This article first appeared as 'Elusive grey ghost continues to evade' in The Press on 4 October 2013
British artist Eileen Mayo (1906-1994) associated with many leading artists in Britain during the 1930s and 40s, including Claude Flight and Laura Knight, before eventually settling in Christchurch in 1965. In 1976 Mayo was commissioned by the Dunedin jelly manufacturer, Greggs, to complete a series of thirty-six paintings of New Zealand birds for the company's album Rare and Endangered Birds of New Zealand. These small exquisite paintings were reproduced as cards and given away with packets of Gregg's jelly in 1977 with the aim that customers collect the entire set and paste them into a specially produced album. While the gallery owns 18 of the original paintings it is the image of the South Island Kōkako (Callaeas Cinerea) that captures my imagination the most.
The kōkako belongs to an ancient family of wattle birds known as Callaeidae which also includes the saddleback and extinct huia. In Māori mythology it was the kōkako that brought Maui water in its wattles as he battled the sun. As a reward Maui stretched the kōkako's legs so that it could bound across the forest floor with ease.
The South Island kōkako once thrived throughout the South Island, from Fiordland to Kahurangi National Park, and Stewart Island. In the ranges behind Oxford here in Canterbury Julius von Haast is known to have found examples in the 1860s. The last 'official' sighting of a South Island kōkako however was at Mt Aspiring in 1967 and the bird was declared extinct in 2006. There is a dedicated group of South Island kōkako enthusiasts that believe the bird still survives in areas of remote South Island native forests, a group who avidly continue to search for evidence of its existence.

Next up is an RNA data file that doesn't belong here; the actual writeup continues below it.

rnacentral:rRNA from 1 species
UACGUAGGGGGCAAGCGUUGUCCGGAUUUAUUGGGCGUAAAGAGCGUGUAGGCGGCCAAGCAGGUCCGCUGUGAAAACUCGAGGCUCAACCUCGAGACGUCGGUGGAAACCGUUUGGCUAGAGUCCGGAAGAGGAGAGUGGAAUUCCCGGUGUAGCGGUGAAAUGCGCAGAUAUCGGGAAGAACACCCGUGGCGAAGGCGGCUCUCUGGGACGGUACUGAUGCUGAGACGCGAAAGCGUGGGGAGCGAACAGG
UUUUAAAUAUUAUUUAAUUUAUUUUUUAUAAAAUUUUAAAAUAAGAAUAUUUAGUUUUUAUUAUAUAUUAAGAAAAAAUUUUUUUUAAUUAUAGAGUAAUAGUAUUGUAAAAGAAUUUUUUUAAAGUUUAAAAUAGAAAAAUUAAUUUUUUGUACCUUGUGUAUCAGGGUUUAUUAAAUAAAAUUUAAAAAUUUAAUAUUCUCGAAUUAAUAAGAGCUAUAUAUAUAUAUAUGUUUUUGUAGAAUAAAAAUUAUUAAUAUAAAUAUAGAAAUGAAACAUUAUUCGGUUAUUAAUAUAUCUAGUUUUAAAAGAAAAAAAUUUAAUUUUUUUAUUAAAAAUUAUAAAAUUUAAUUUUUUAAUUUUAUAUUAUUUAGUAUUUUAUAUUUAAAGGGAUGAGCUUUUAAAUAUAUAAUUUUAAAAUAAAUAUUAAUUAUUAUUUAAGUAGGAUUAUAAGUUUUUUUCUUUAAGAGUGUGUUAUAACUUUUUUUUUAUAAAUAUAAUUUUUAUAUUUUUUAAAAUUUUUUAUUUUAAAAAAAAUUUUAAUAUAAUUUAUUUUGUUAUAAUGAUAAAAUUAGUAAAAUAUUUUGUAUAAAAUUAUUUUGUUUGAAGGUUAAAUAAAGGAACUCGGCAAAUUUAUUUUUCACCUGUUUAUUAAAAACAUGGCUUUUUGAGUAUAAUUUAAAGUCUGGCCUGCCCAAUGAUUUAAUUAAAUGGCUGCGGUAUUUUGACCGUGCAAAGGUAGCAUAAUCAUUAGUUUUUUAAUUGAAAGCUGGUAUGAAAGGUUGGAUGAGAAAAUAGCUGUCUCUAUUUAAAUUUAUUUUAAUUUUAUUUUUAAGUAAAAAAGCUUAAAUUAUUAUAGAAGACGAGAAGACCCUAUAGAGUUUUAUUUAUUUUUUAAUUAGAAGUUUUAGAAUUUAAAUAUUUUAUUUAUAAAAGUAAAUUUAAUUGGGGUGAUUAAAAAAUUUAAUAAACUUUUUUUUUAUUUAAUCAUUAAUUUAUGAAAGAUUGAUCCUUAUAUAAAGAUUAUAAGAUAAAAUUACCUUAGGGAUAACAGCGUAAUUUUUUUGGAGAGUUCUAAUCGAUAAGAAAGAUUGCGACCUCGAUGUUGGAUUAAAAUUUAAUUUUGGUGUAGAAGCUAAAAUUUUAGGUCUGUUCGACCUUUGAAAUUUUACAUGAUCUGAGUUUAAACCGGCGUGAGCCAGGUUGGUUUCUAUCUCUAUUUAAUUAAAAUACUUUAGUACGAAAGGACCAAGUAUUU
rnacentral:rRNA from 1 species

The South Island kōkako's nick-name, the grey ghost, is a very apt given its beautiful slate grey plumage and distinctive black mask and its legendary elusiveness. Adding to the mystique of the grey ghost is the fact that not a single photograph of a living South Island kōkako is known to exist.
The South Island kōkako is smaller than its North Island cousin, which makes an appearance on the reverse of New Zealand's fifty dollar bill. The most significant difference however is its distinctive orange wattle as opposed to the blue wattle of the North Island variety. The song of the kōkako has been described as haunting, melodic and organ like and can carry for kilometres through the forest. There have been numerous reports of what is believed to be the kōkako song in South Island forests in recent years.
In 1976 Mayo would have completed her painting based on taxidermy examples in museum collections but wouldn't it be nice to think that one day an artist may be able to complete a painting of the South Island kōkako from a live bird? Could the grey ghost be lurking in a corner of the South Island's remotest native forests? Best of luck to those on the search.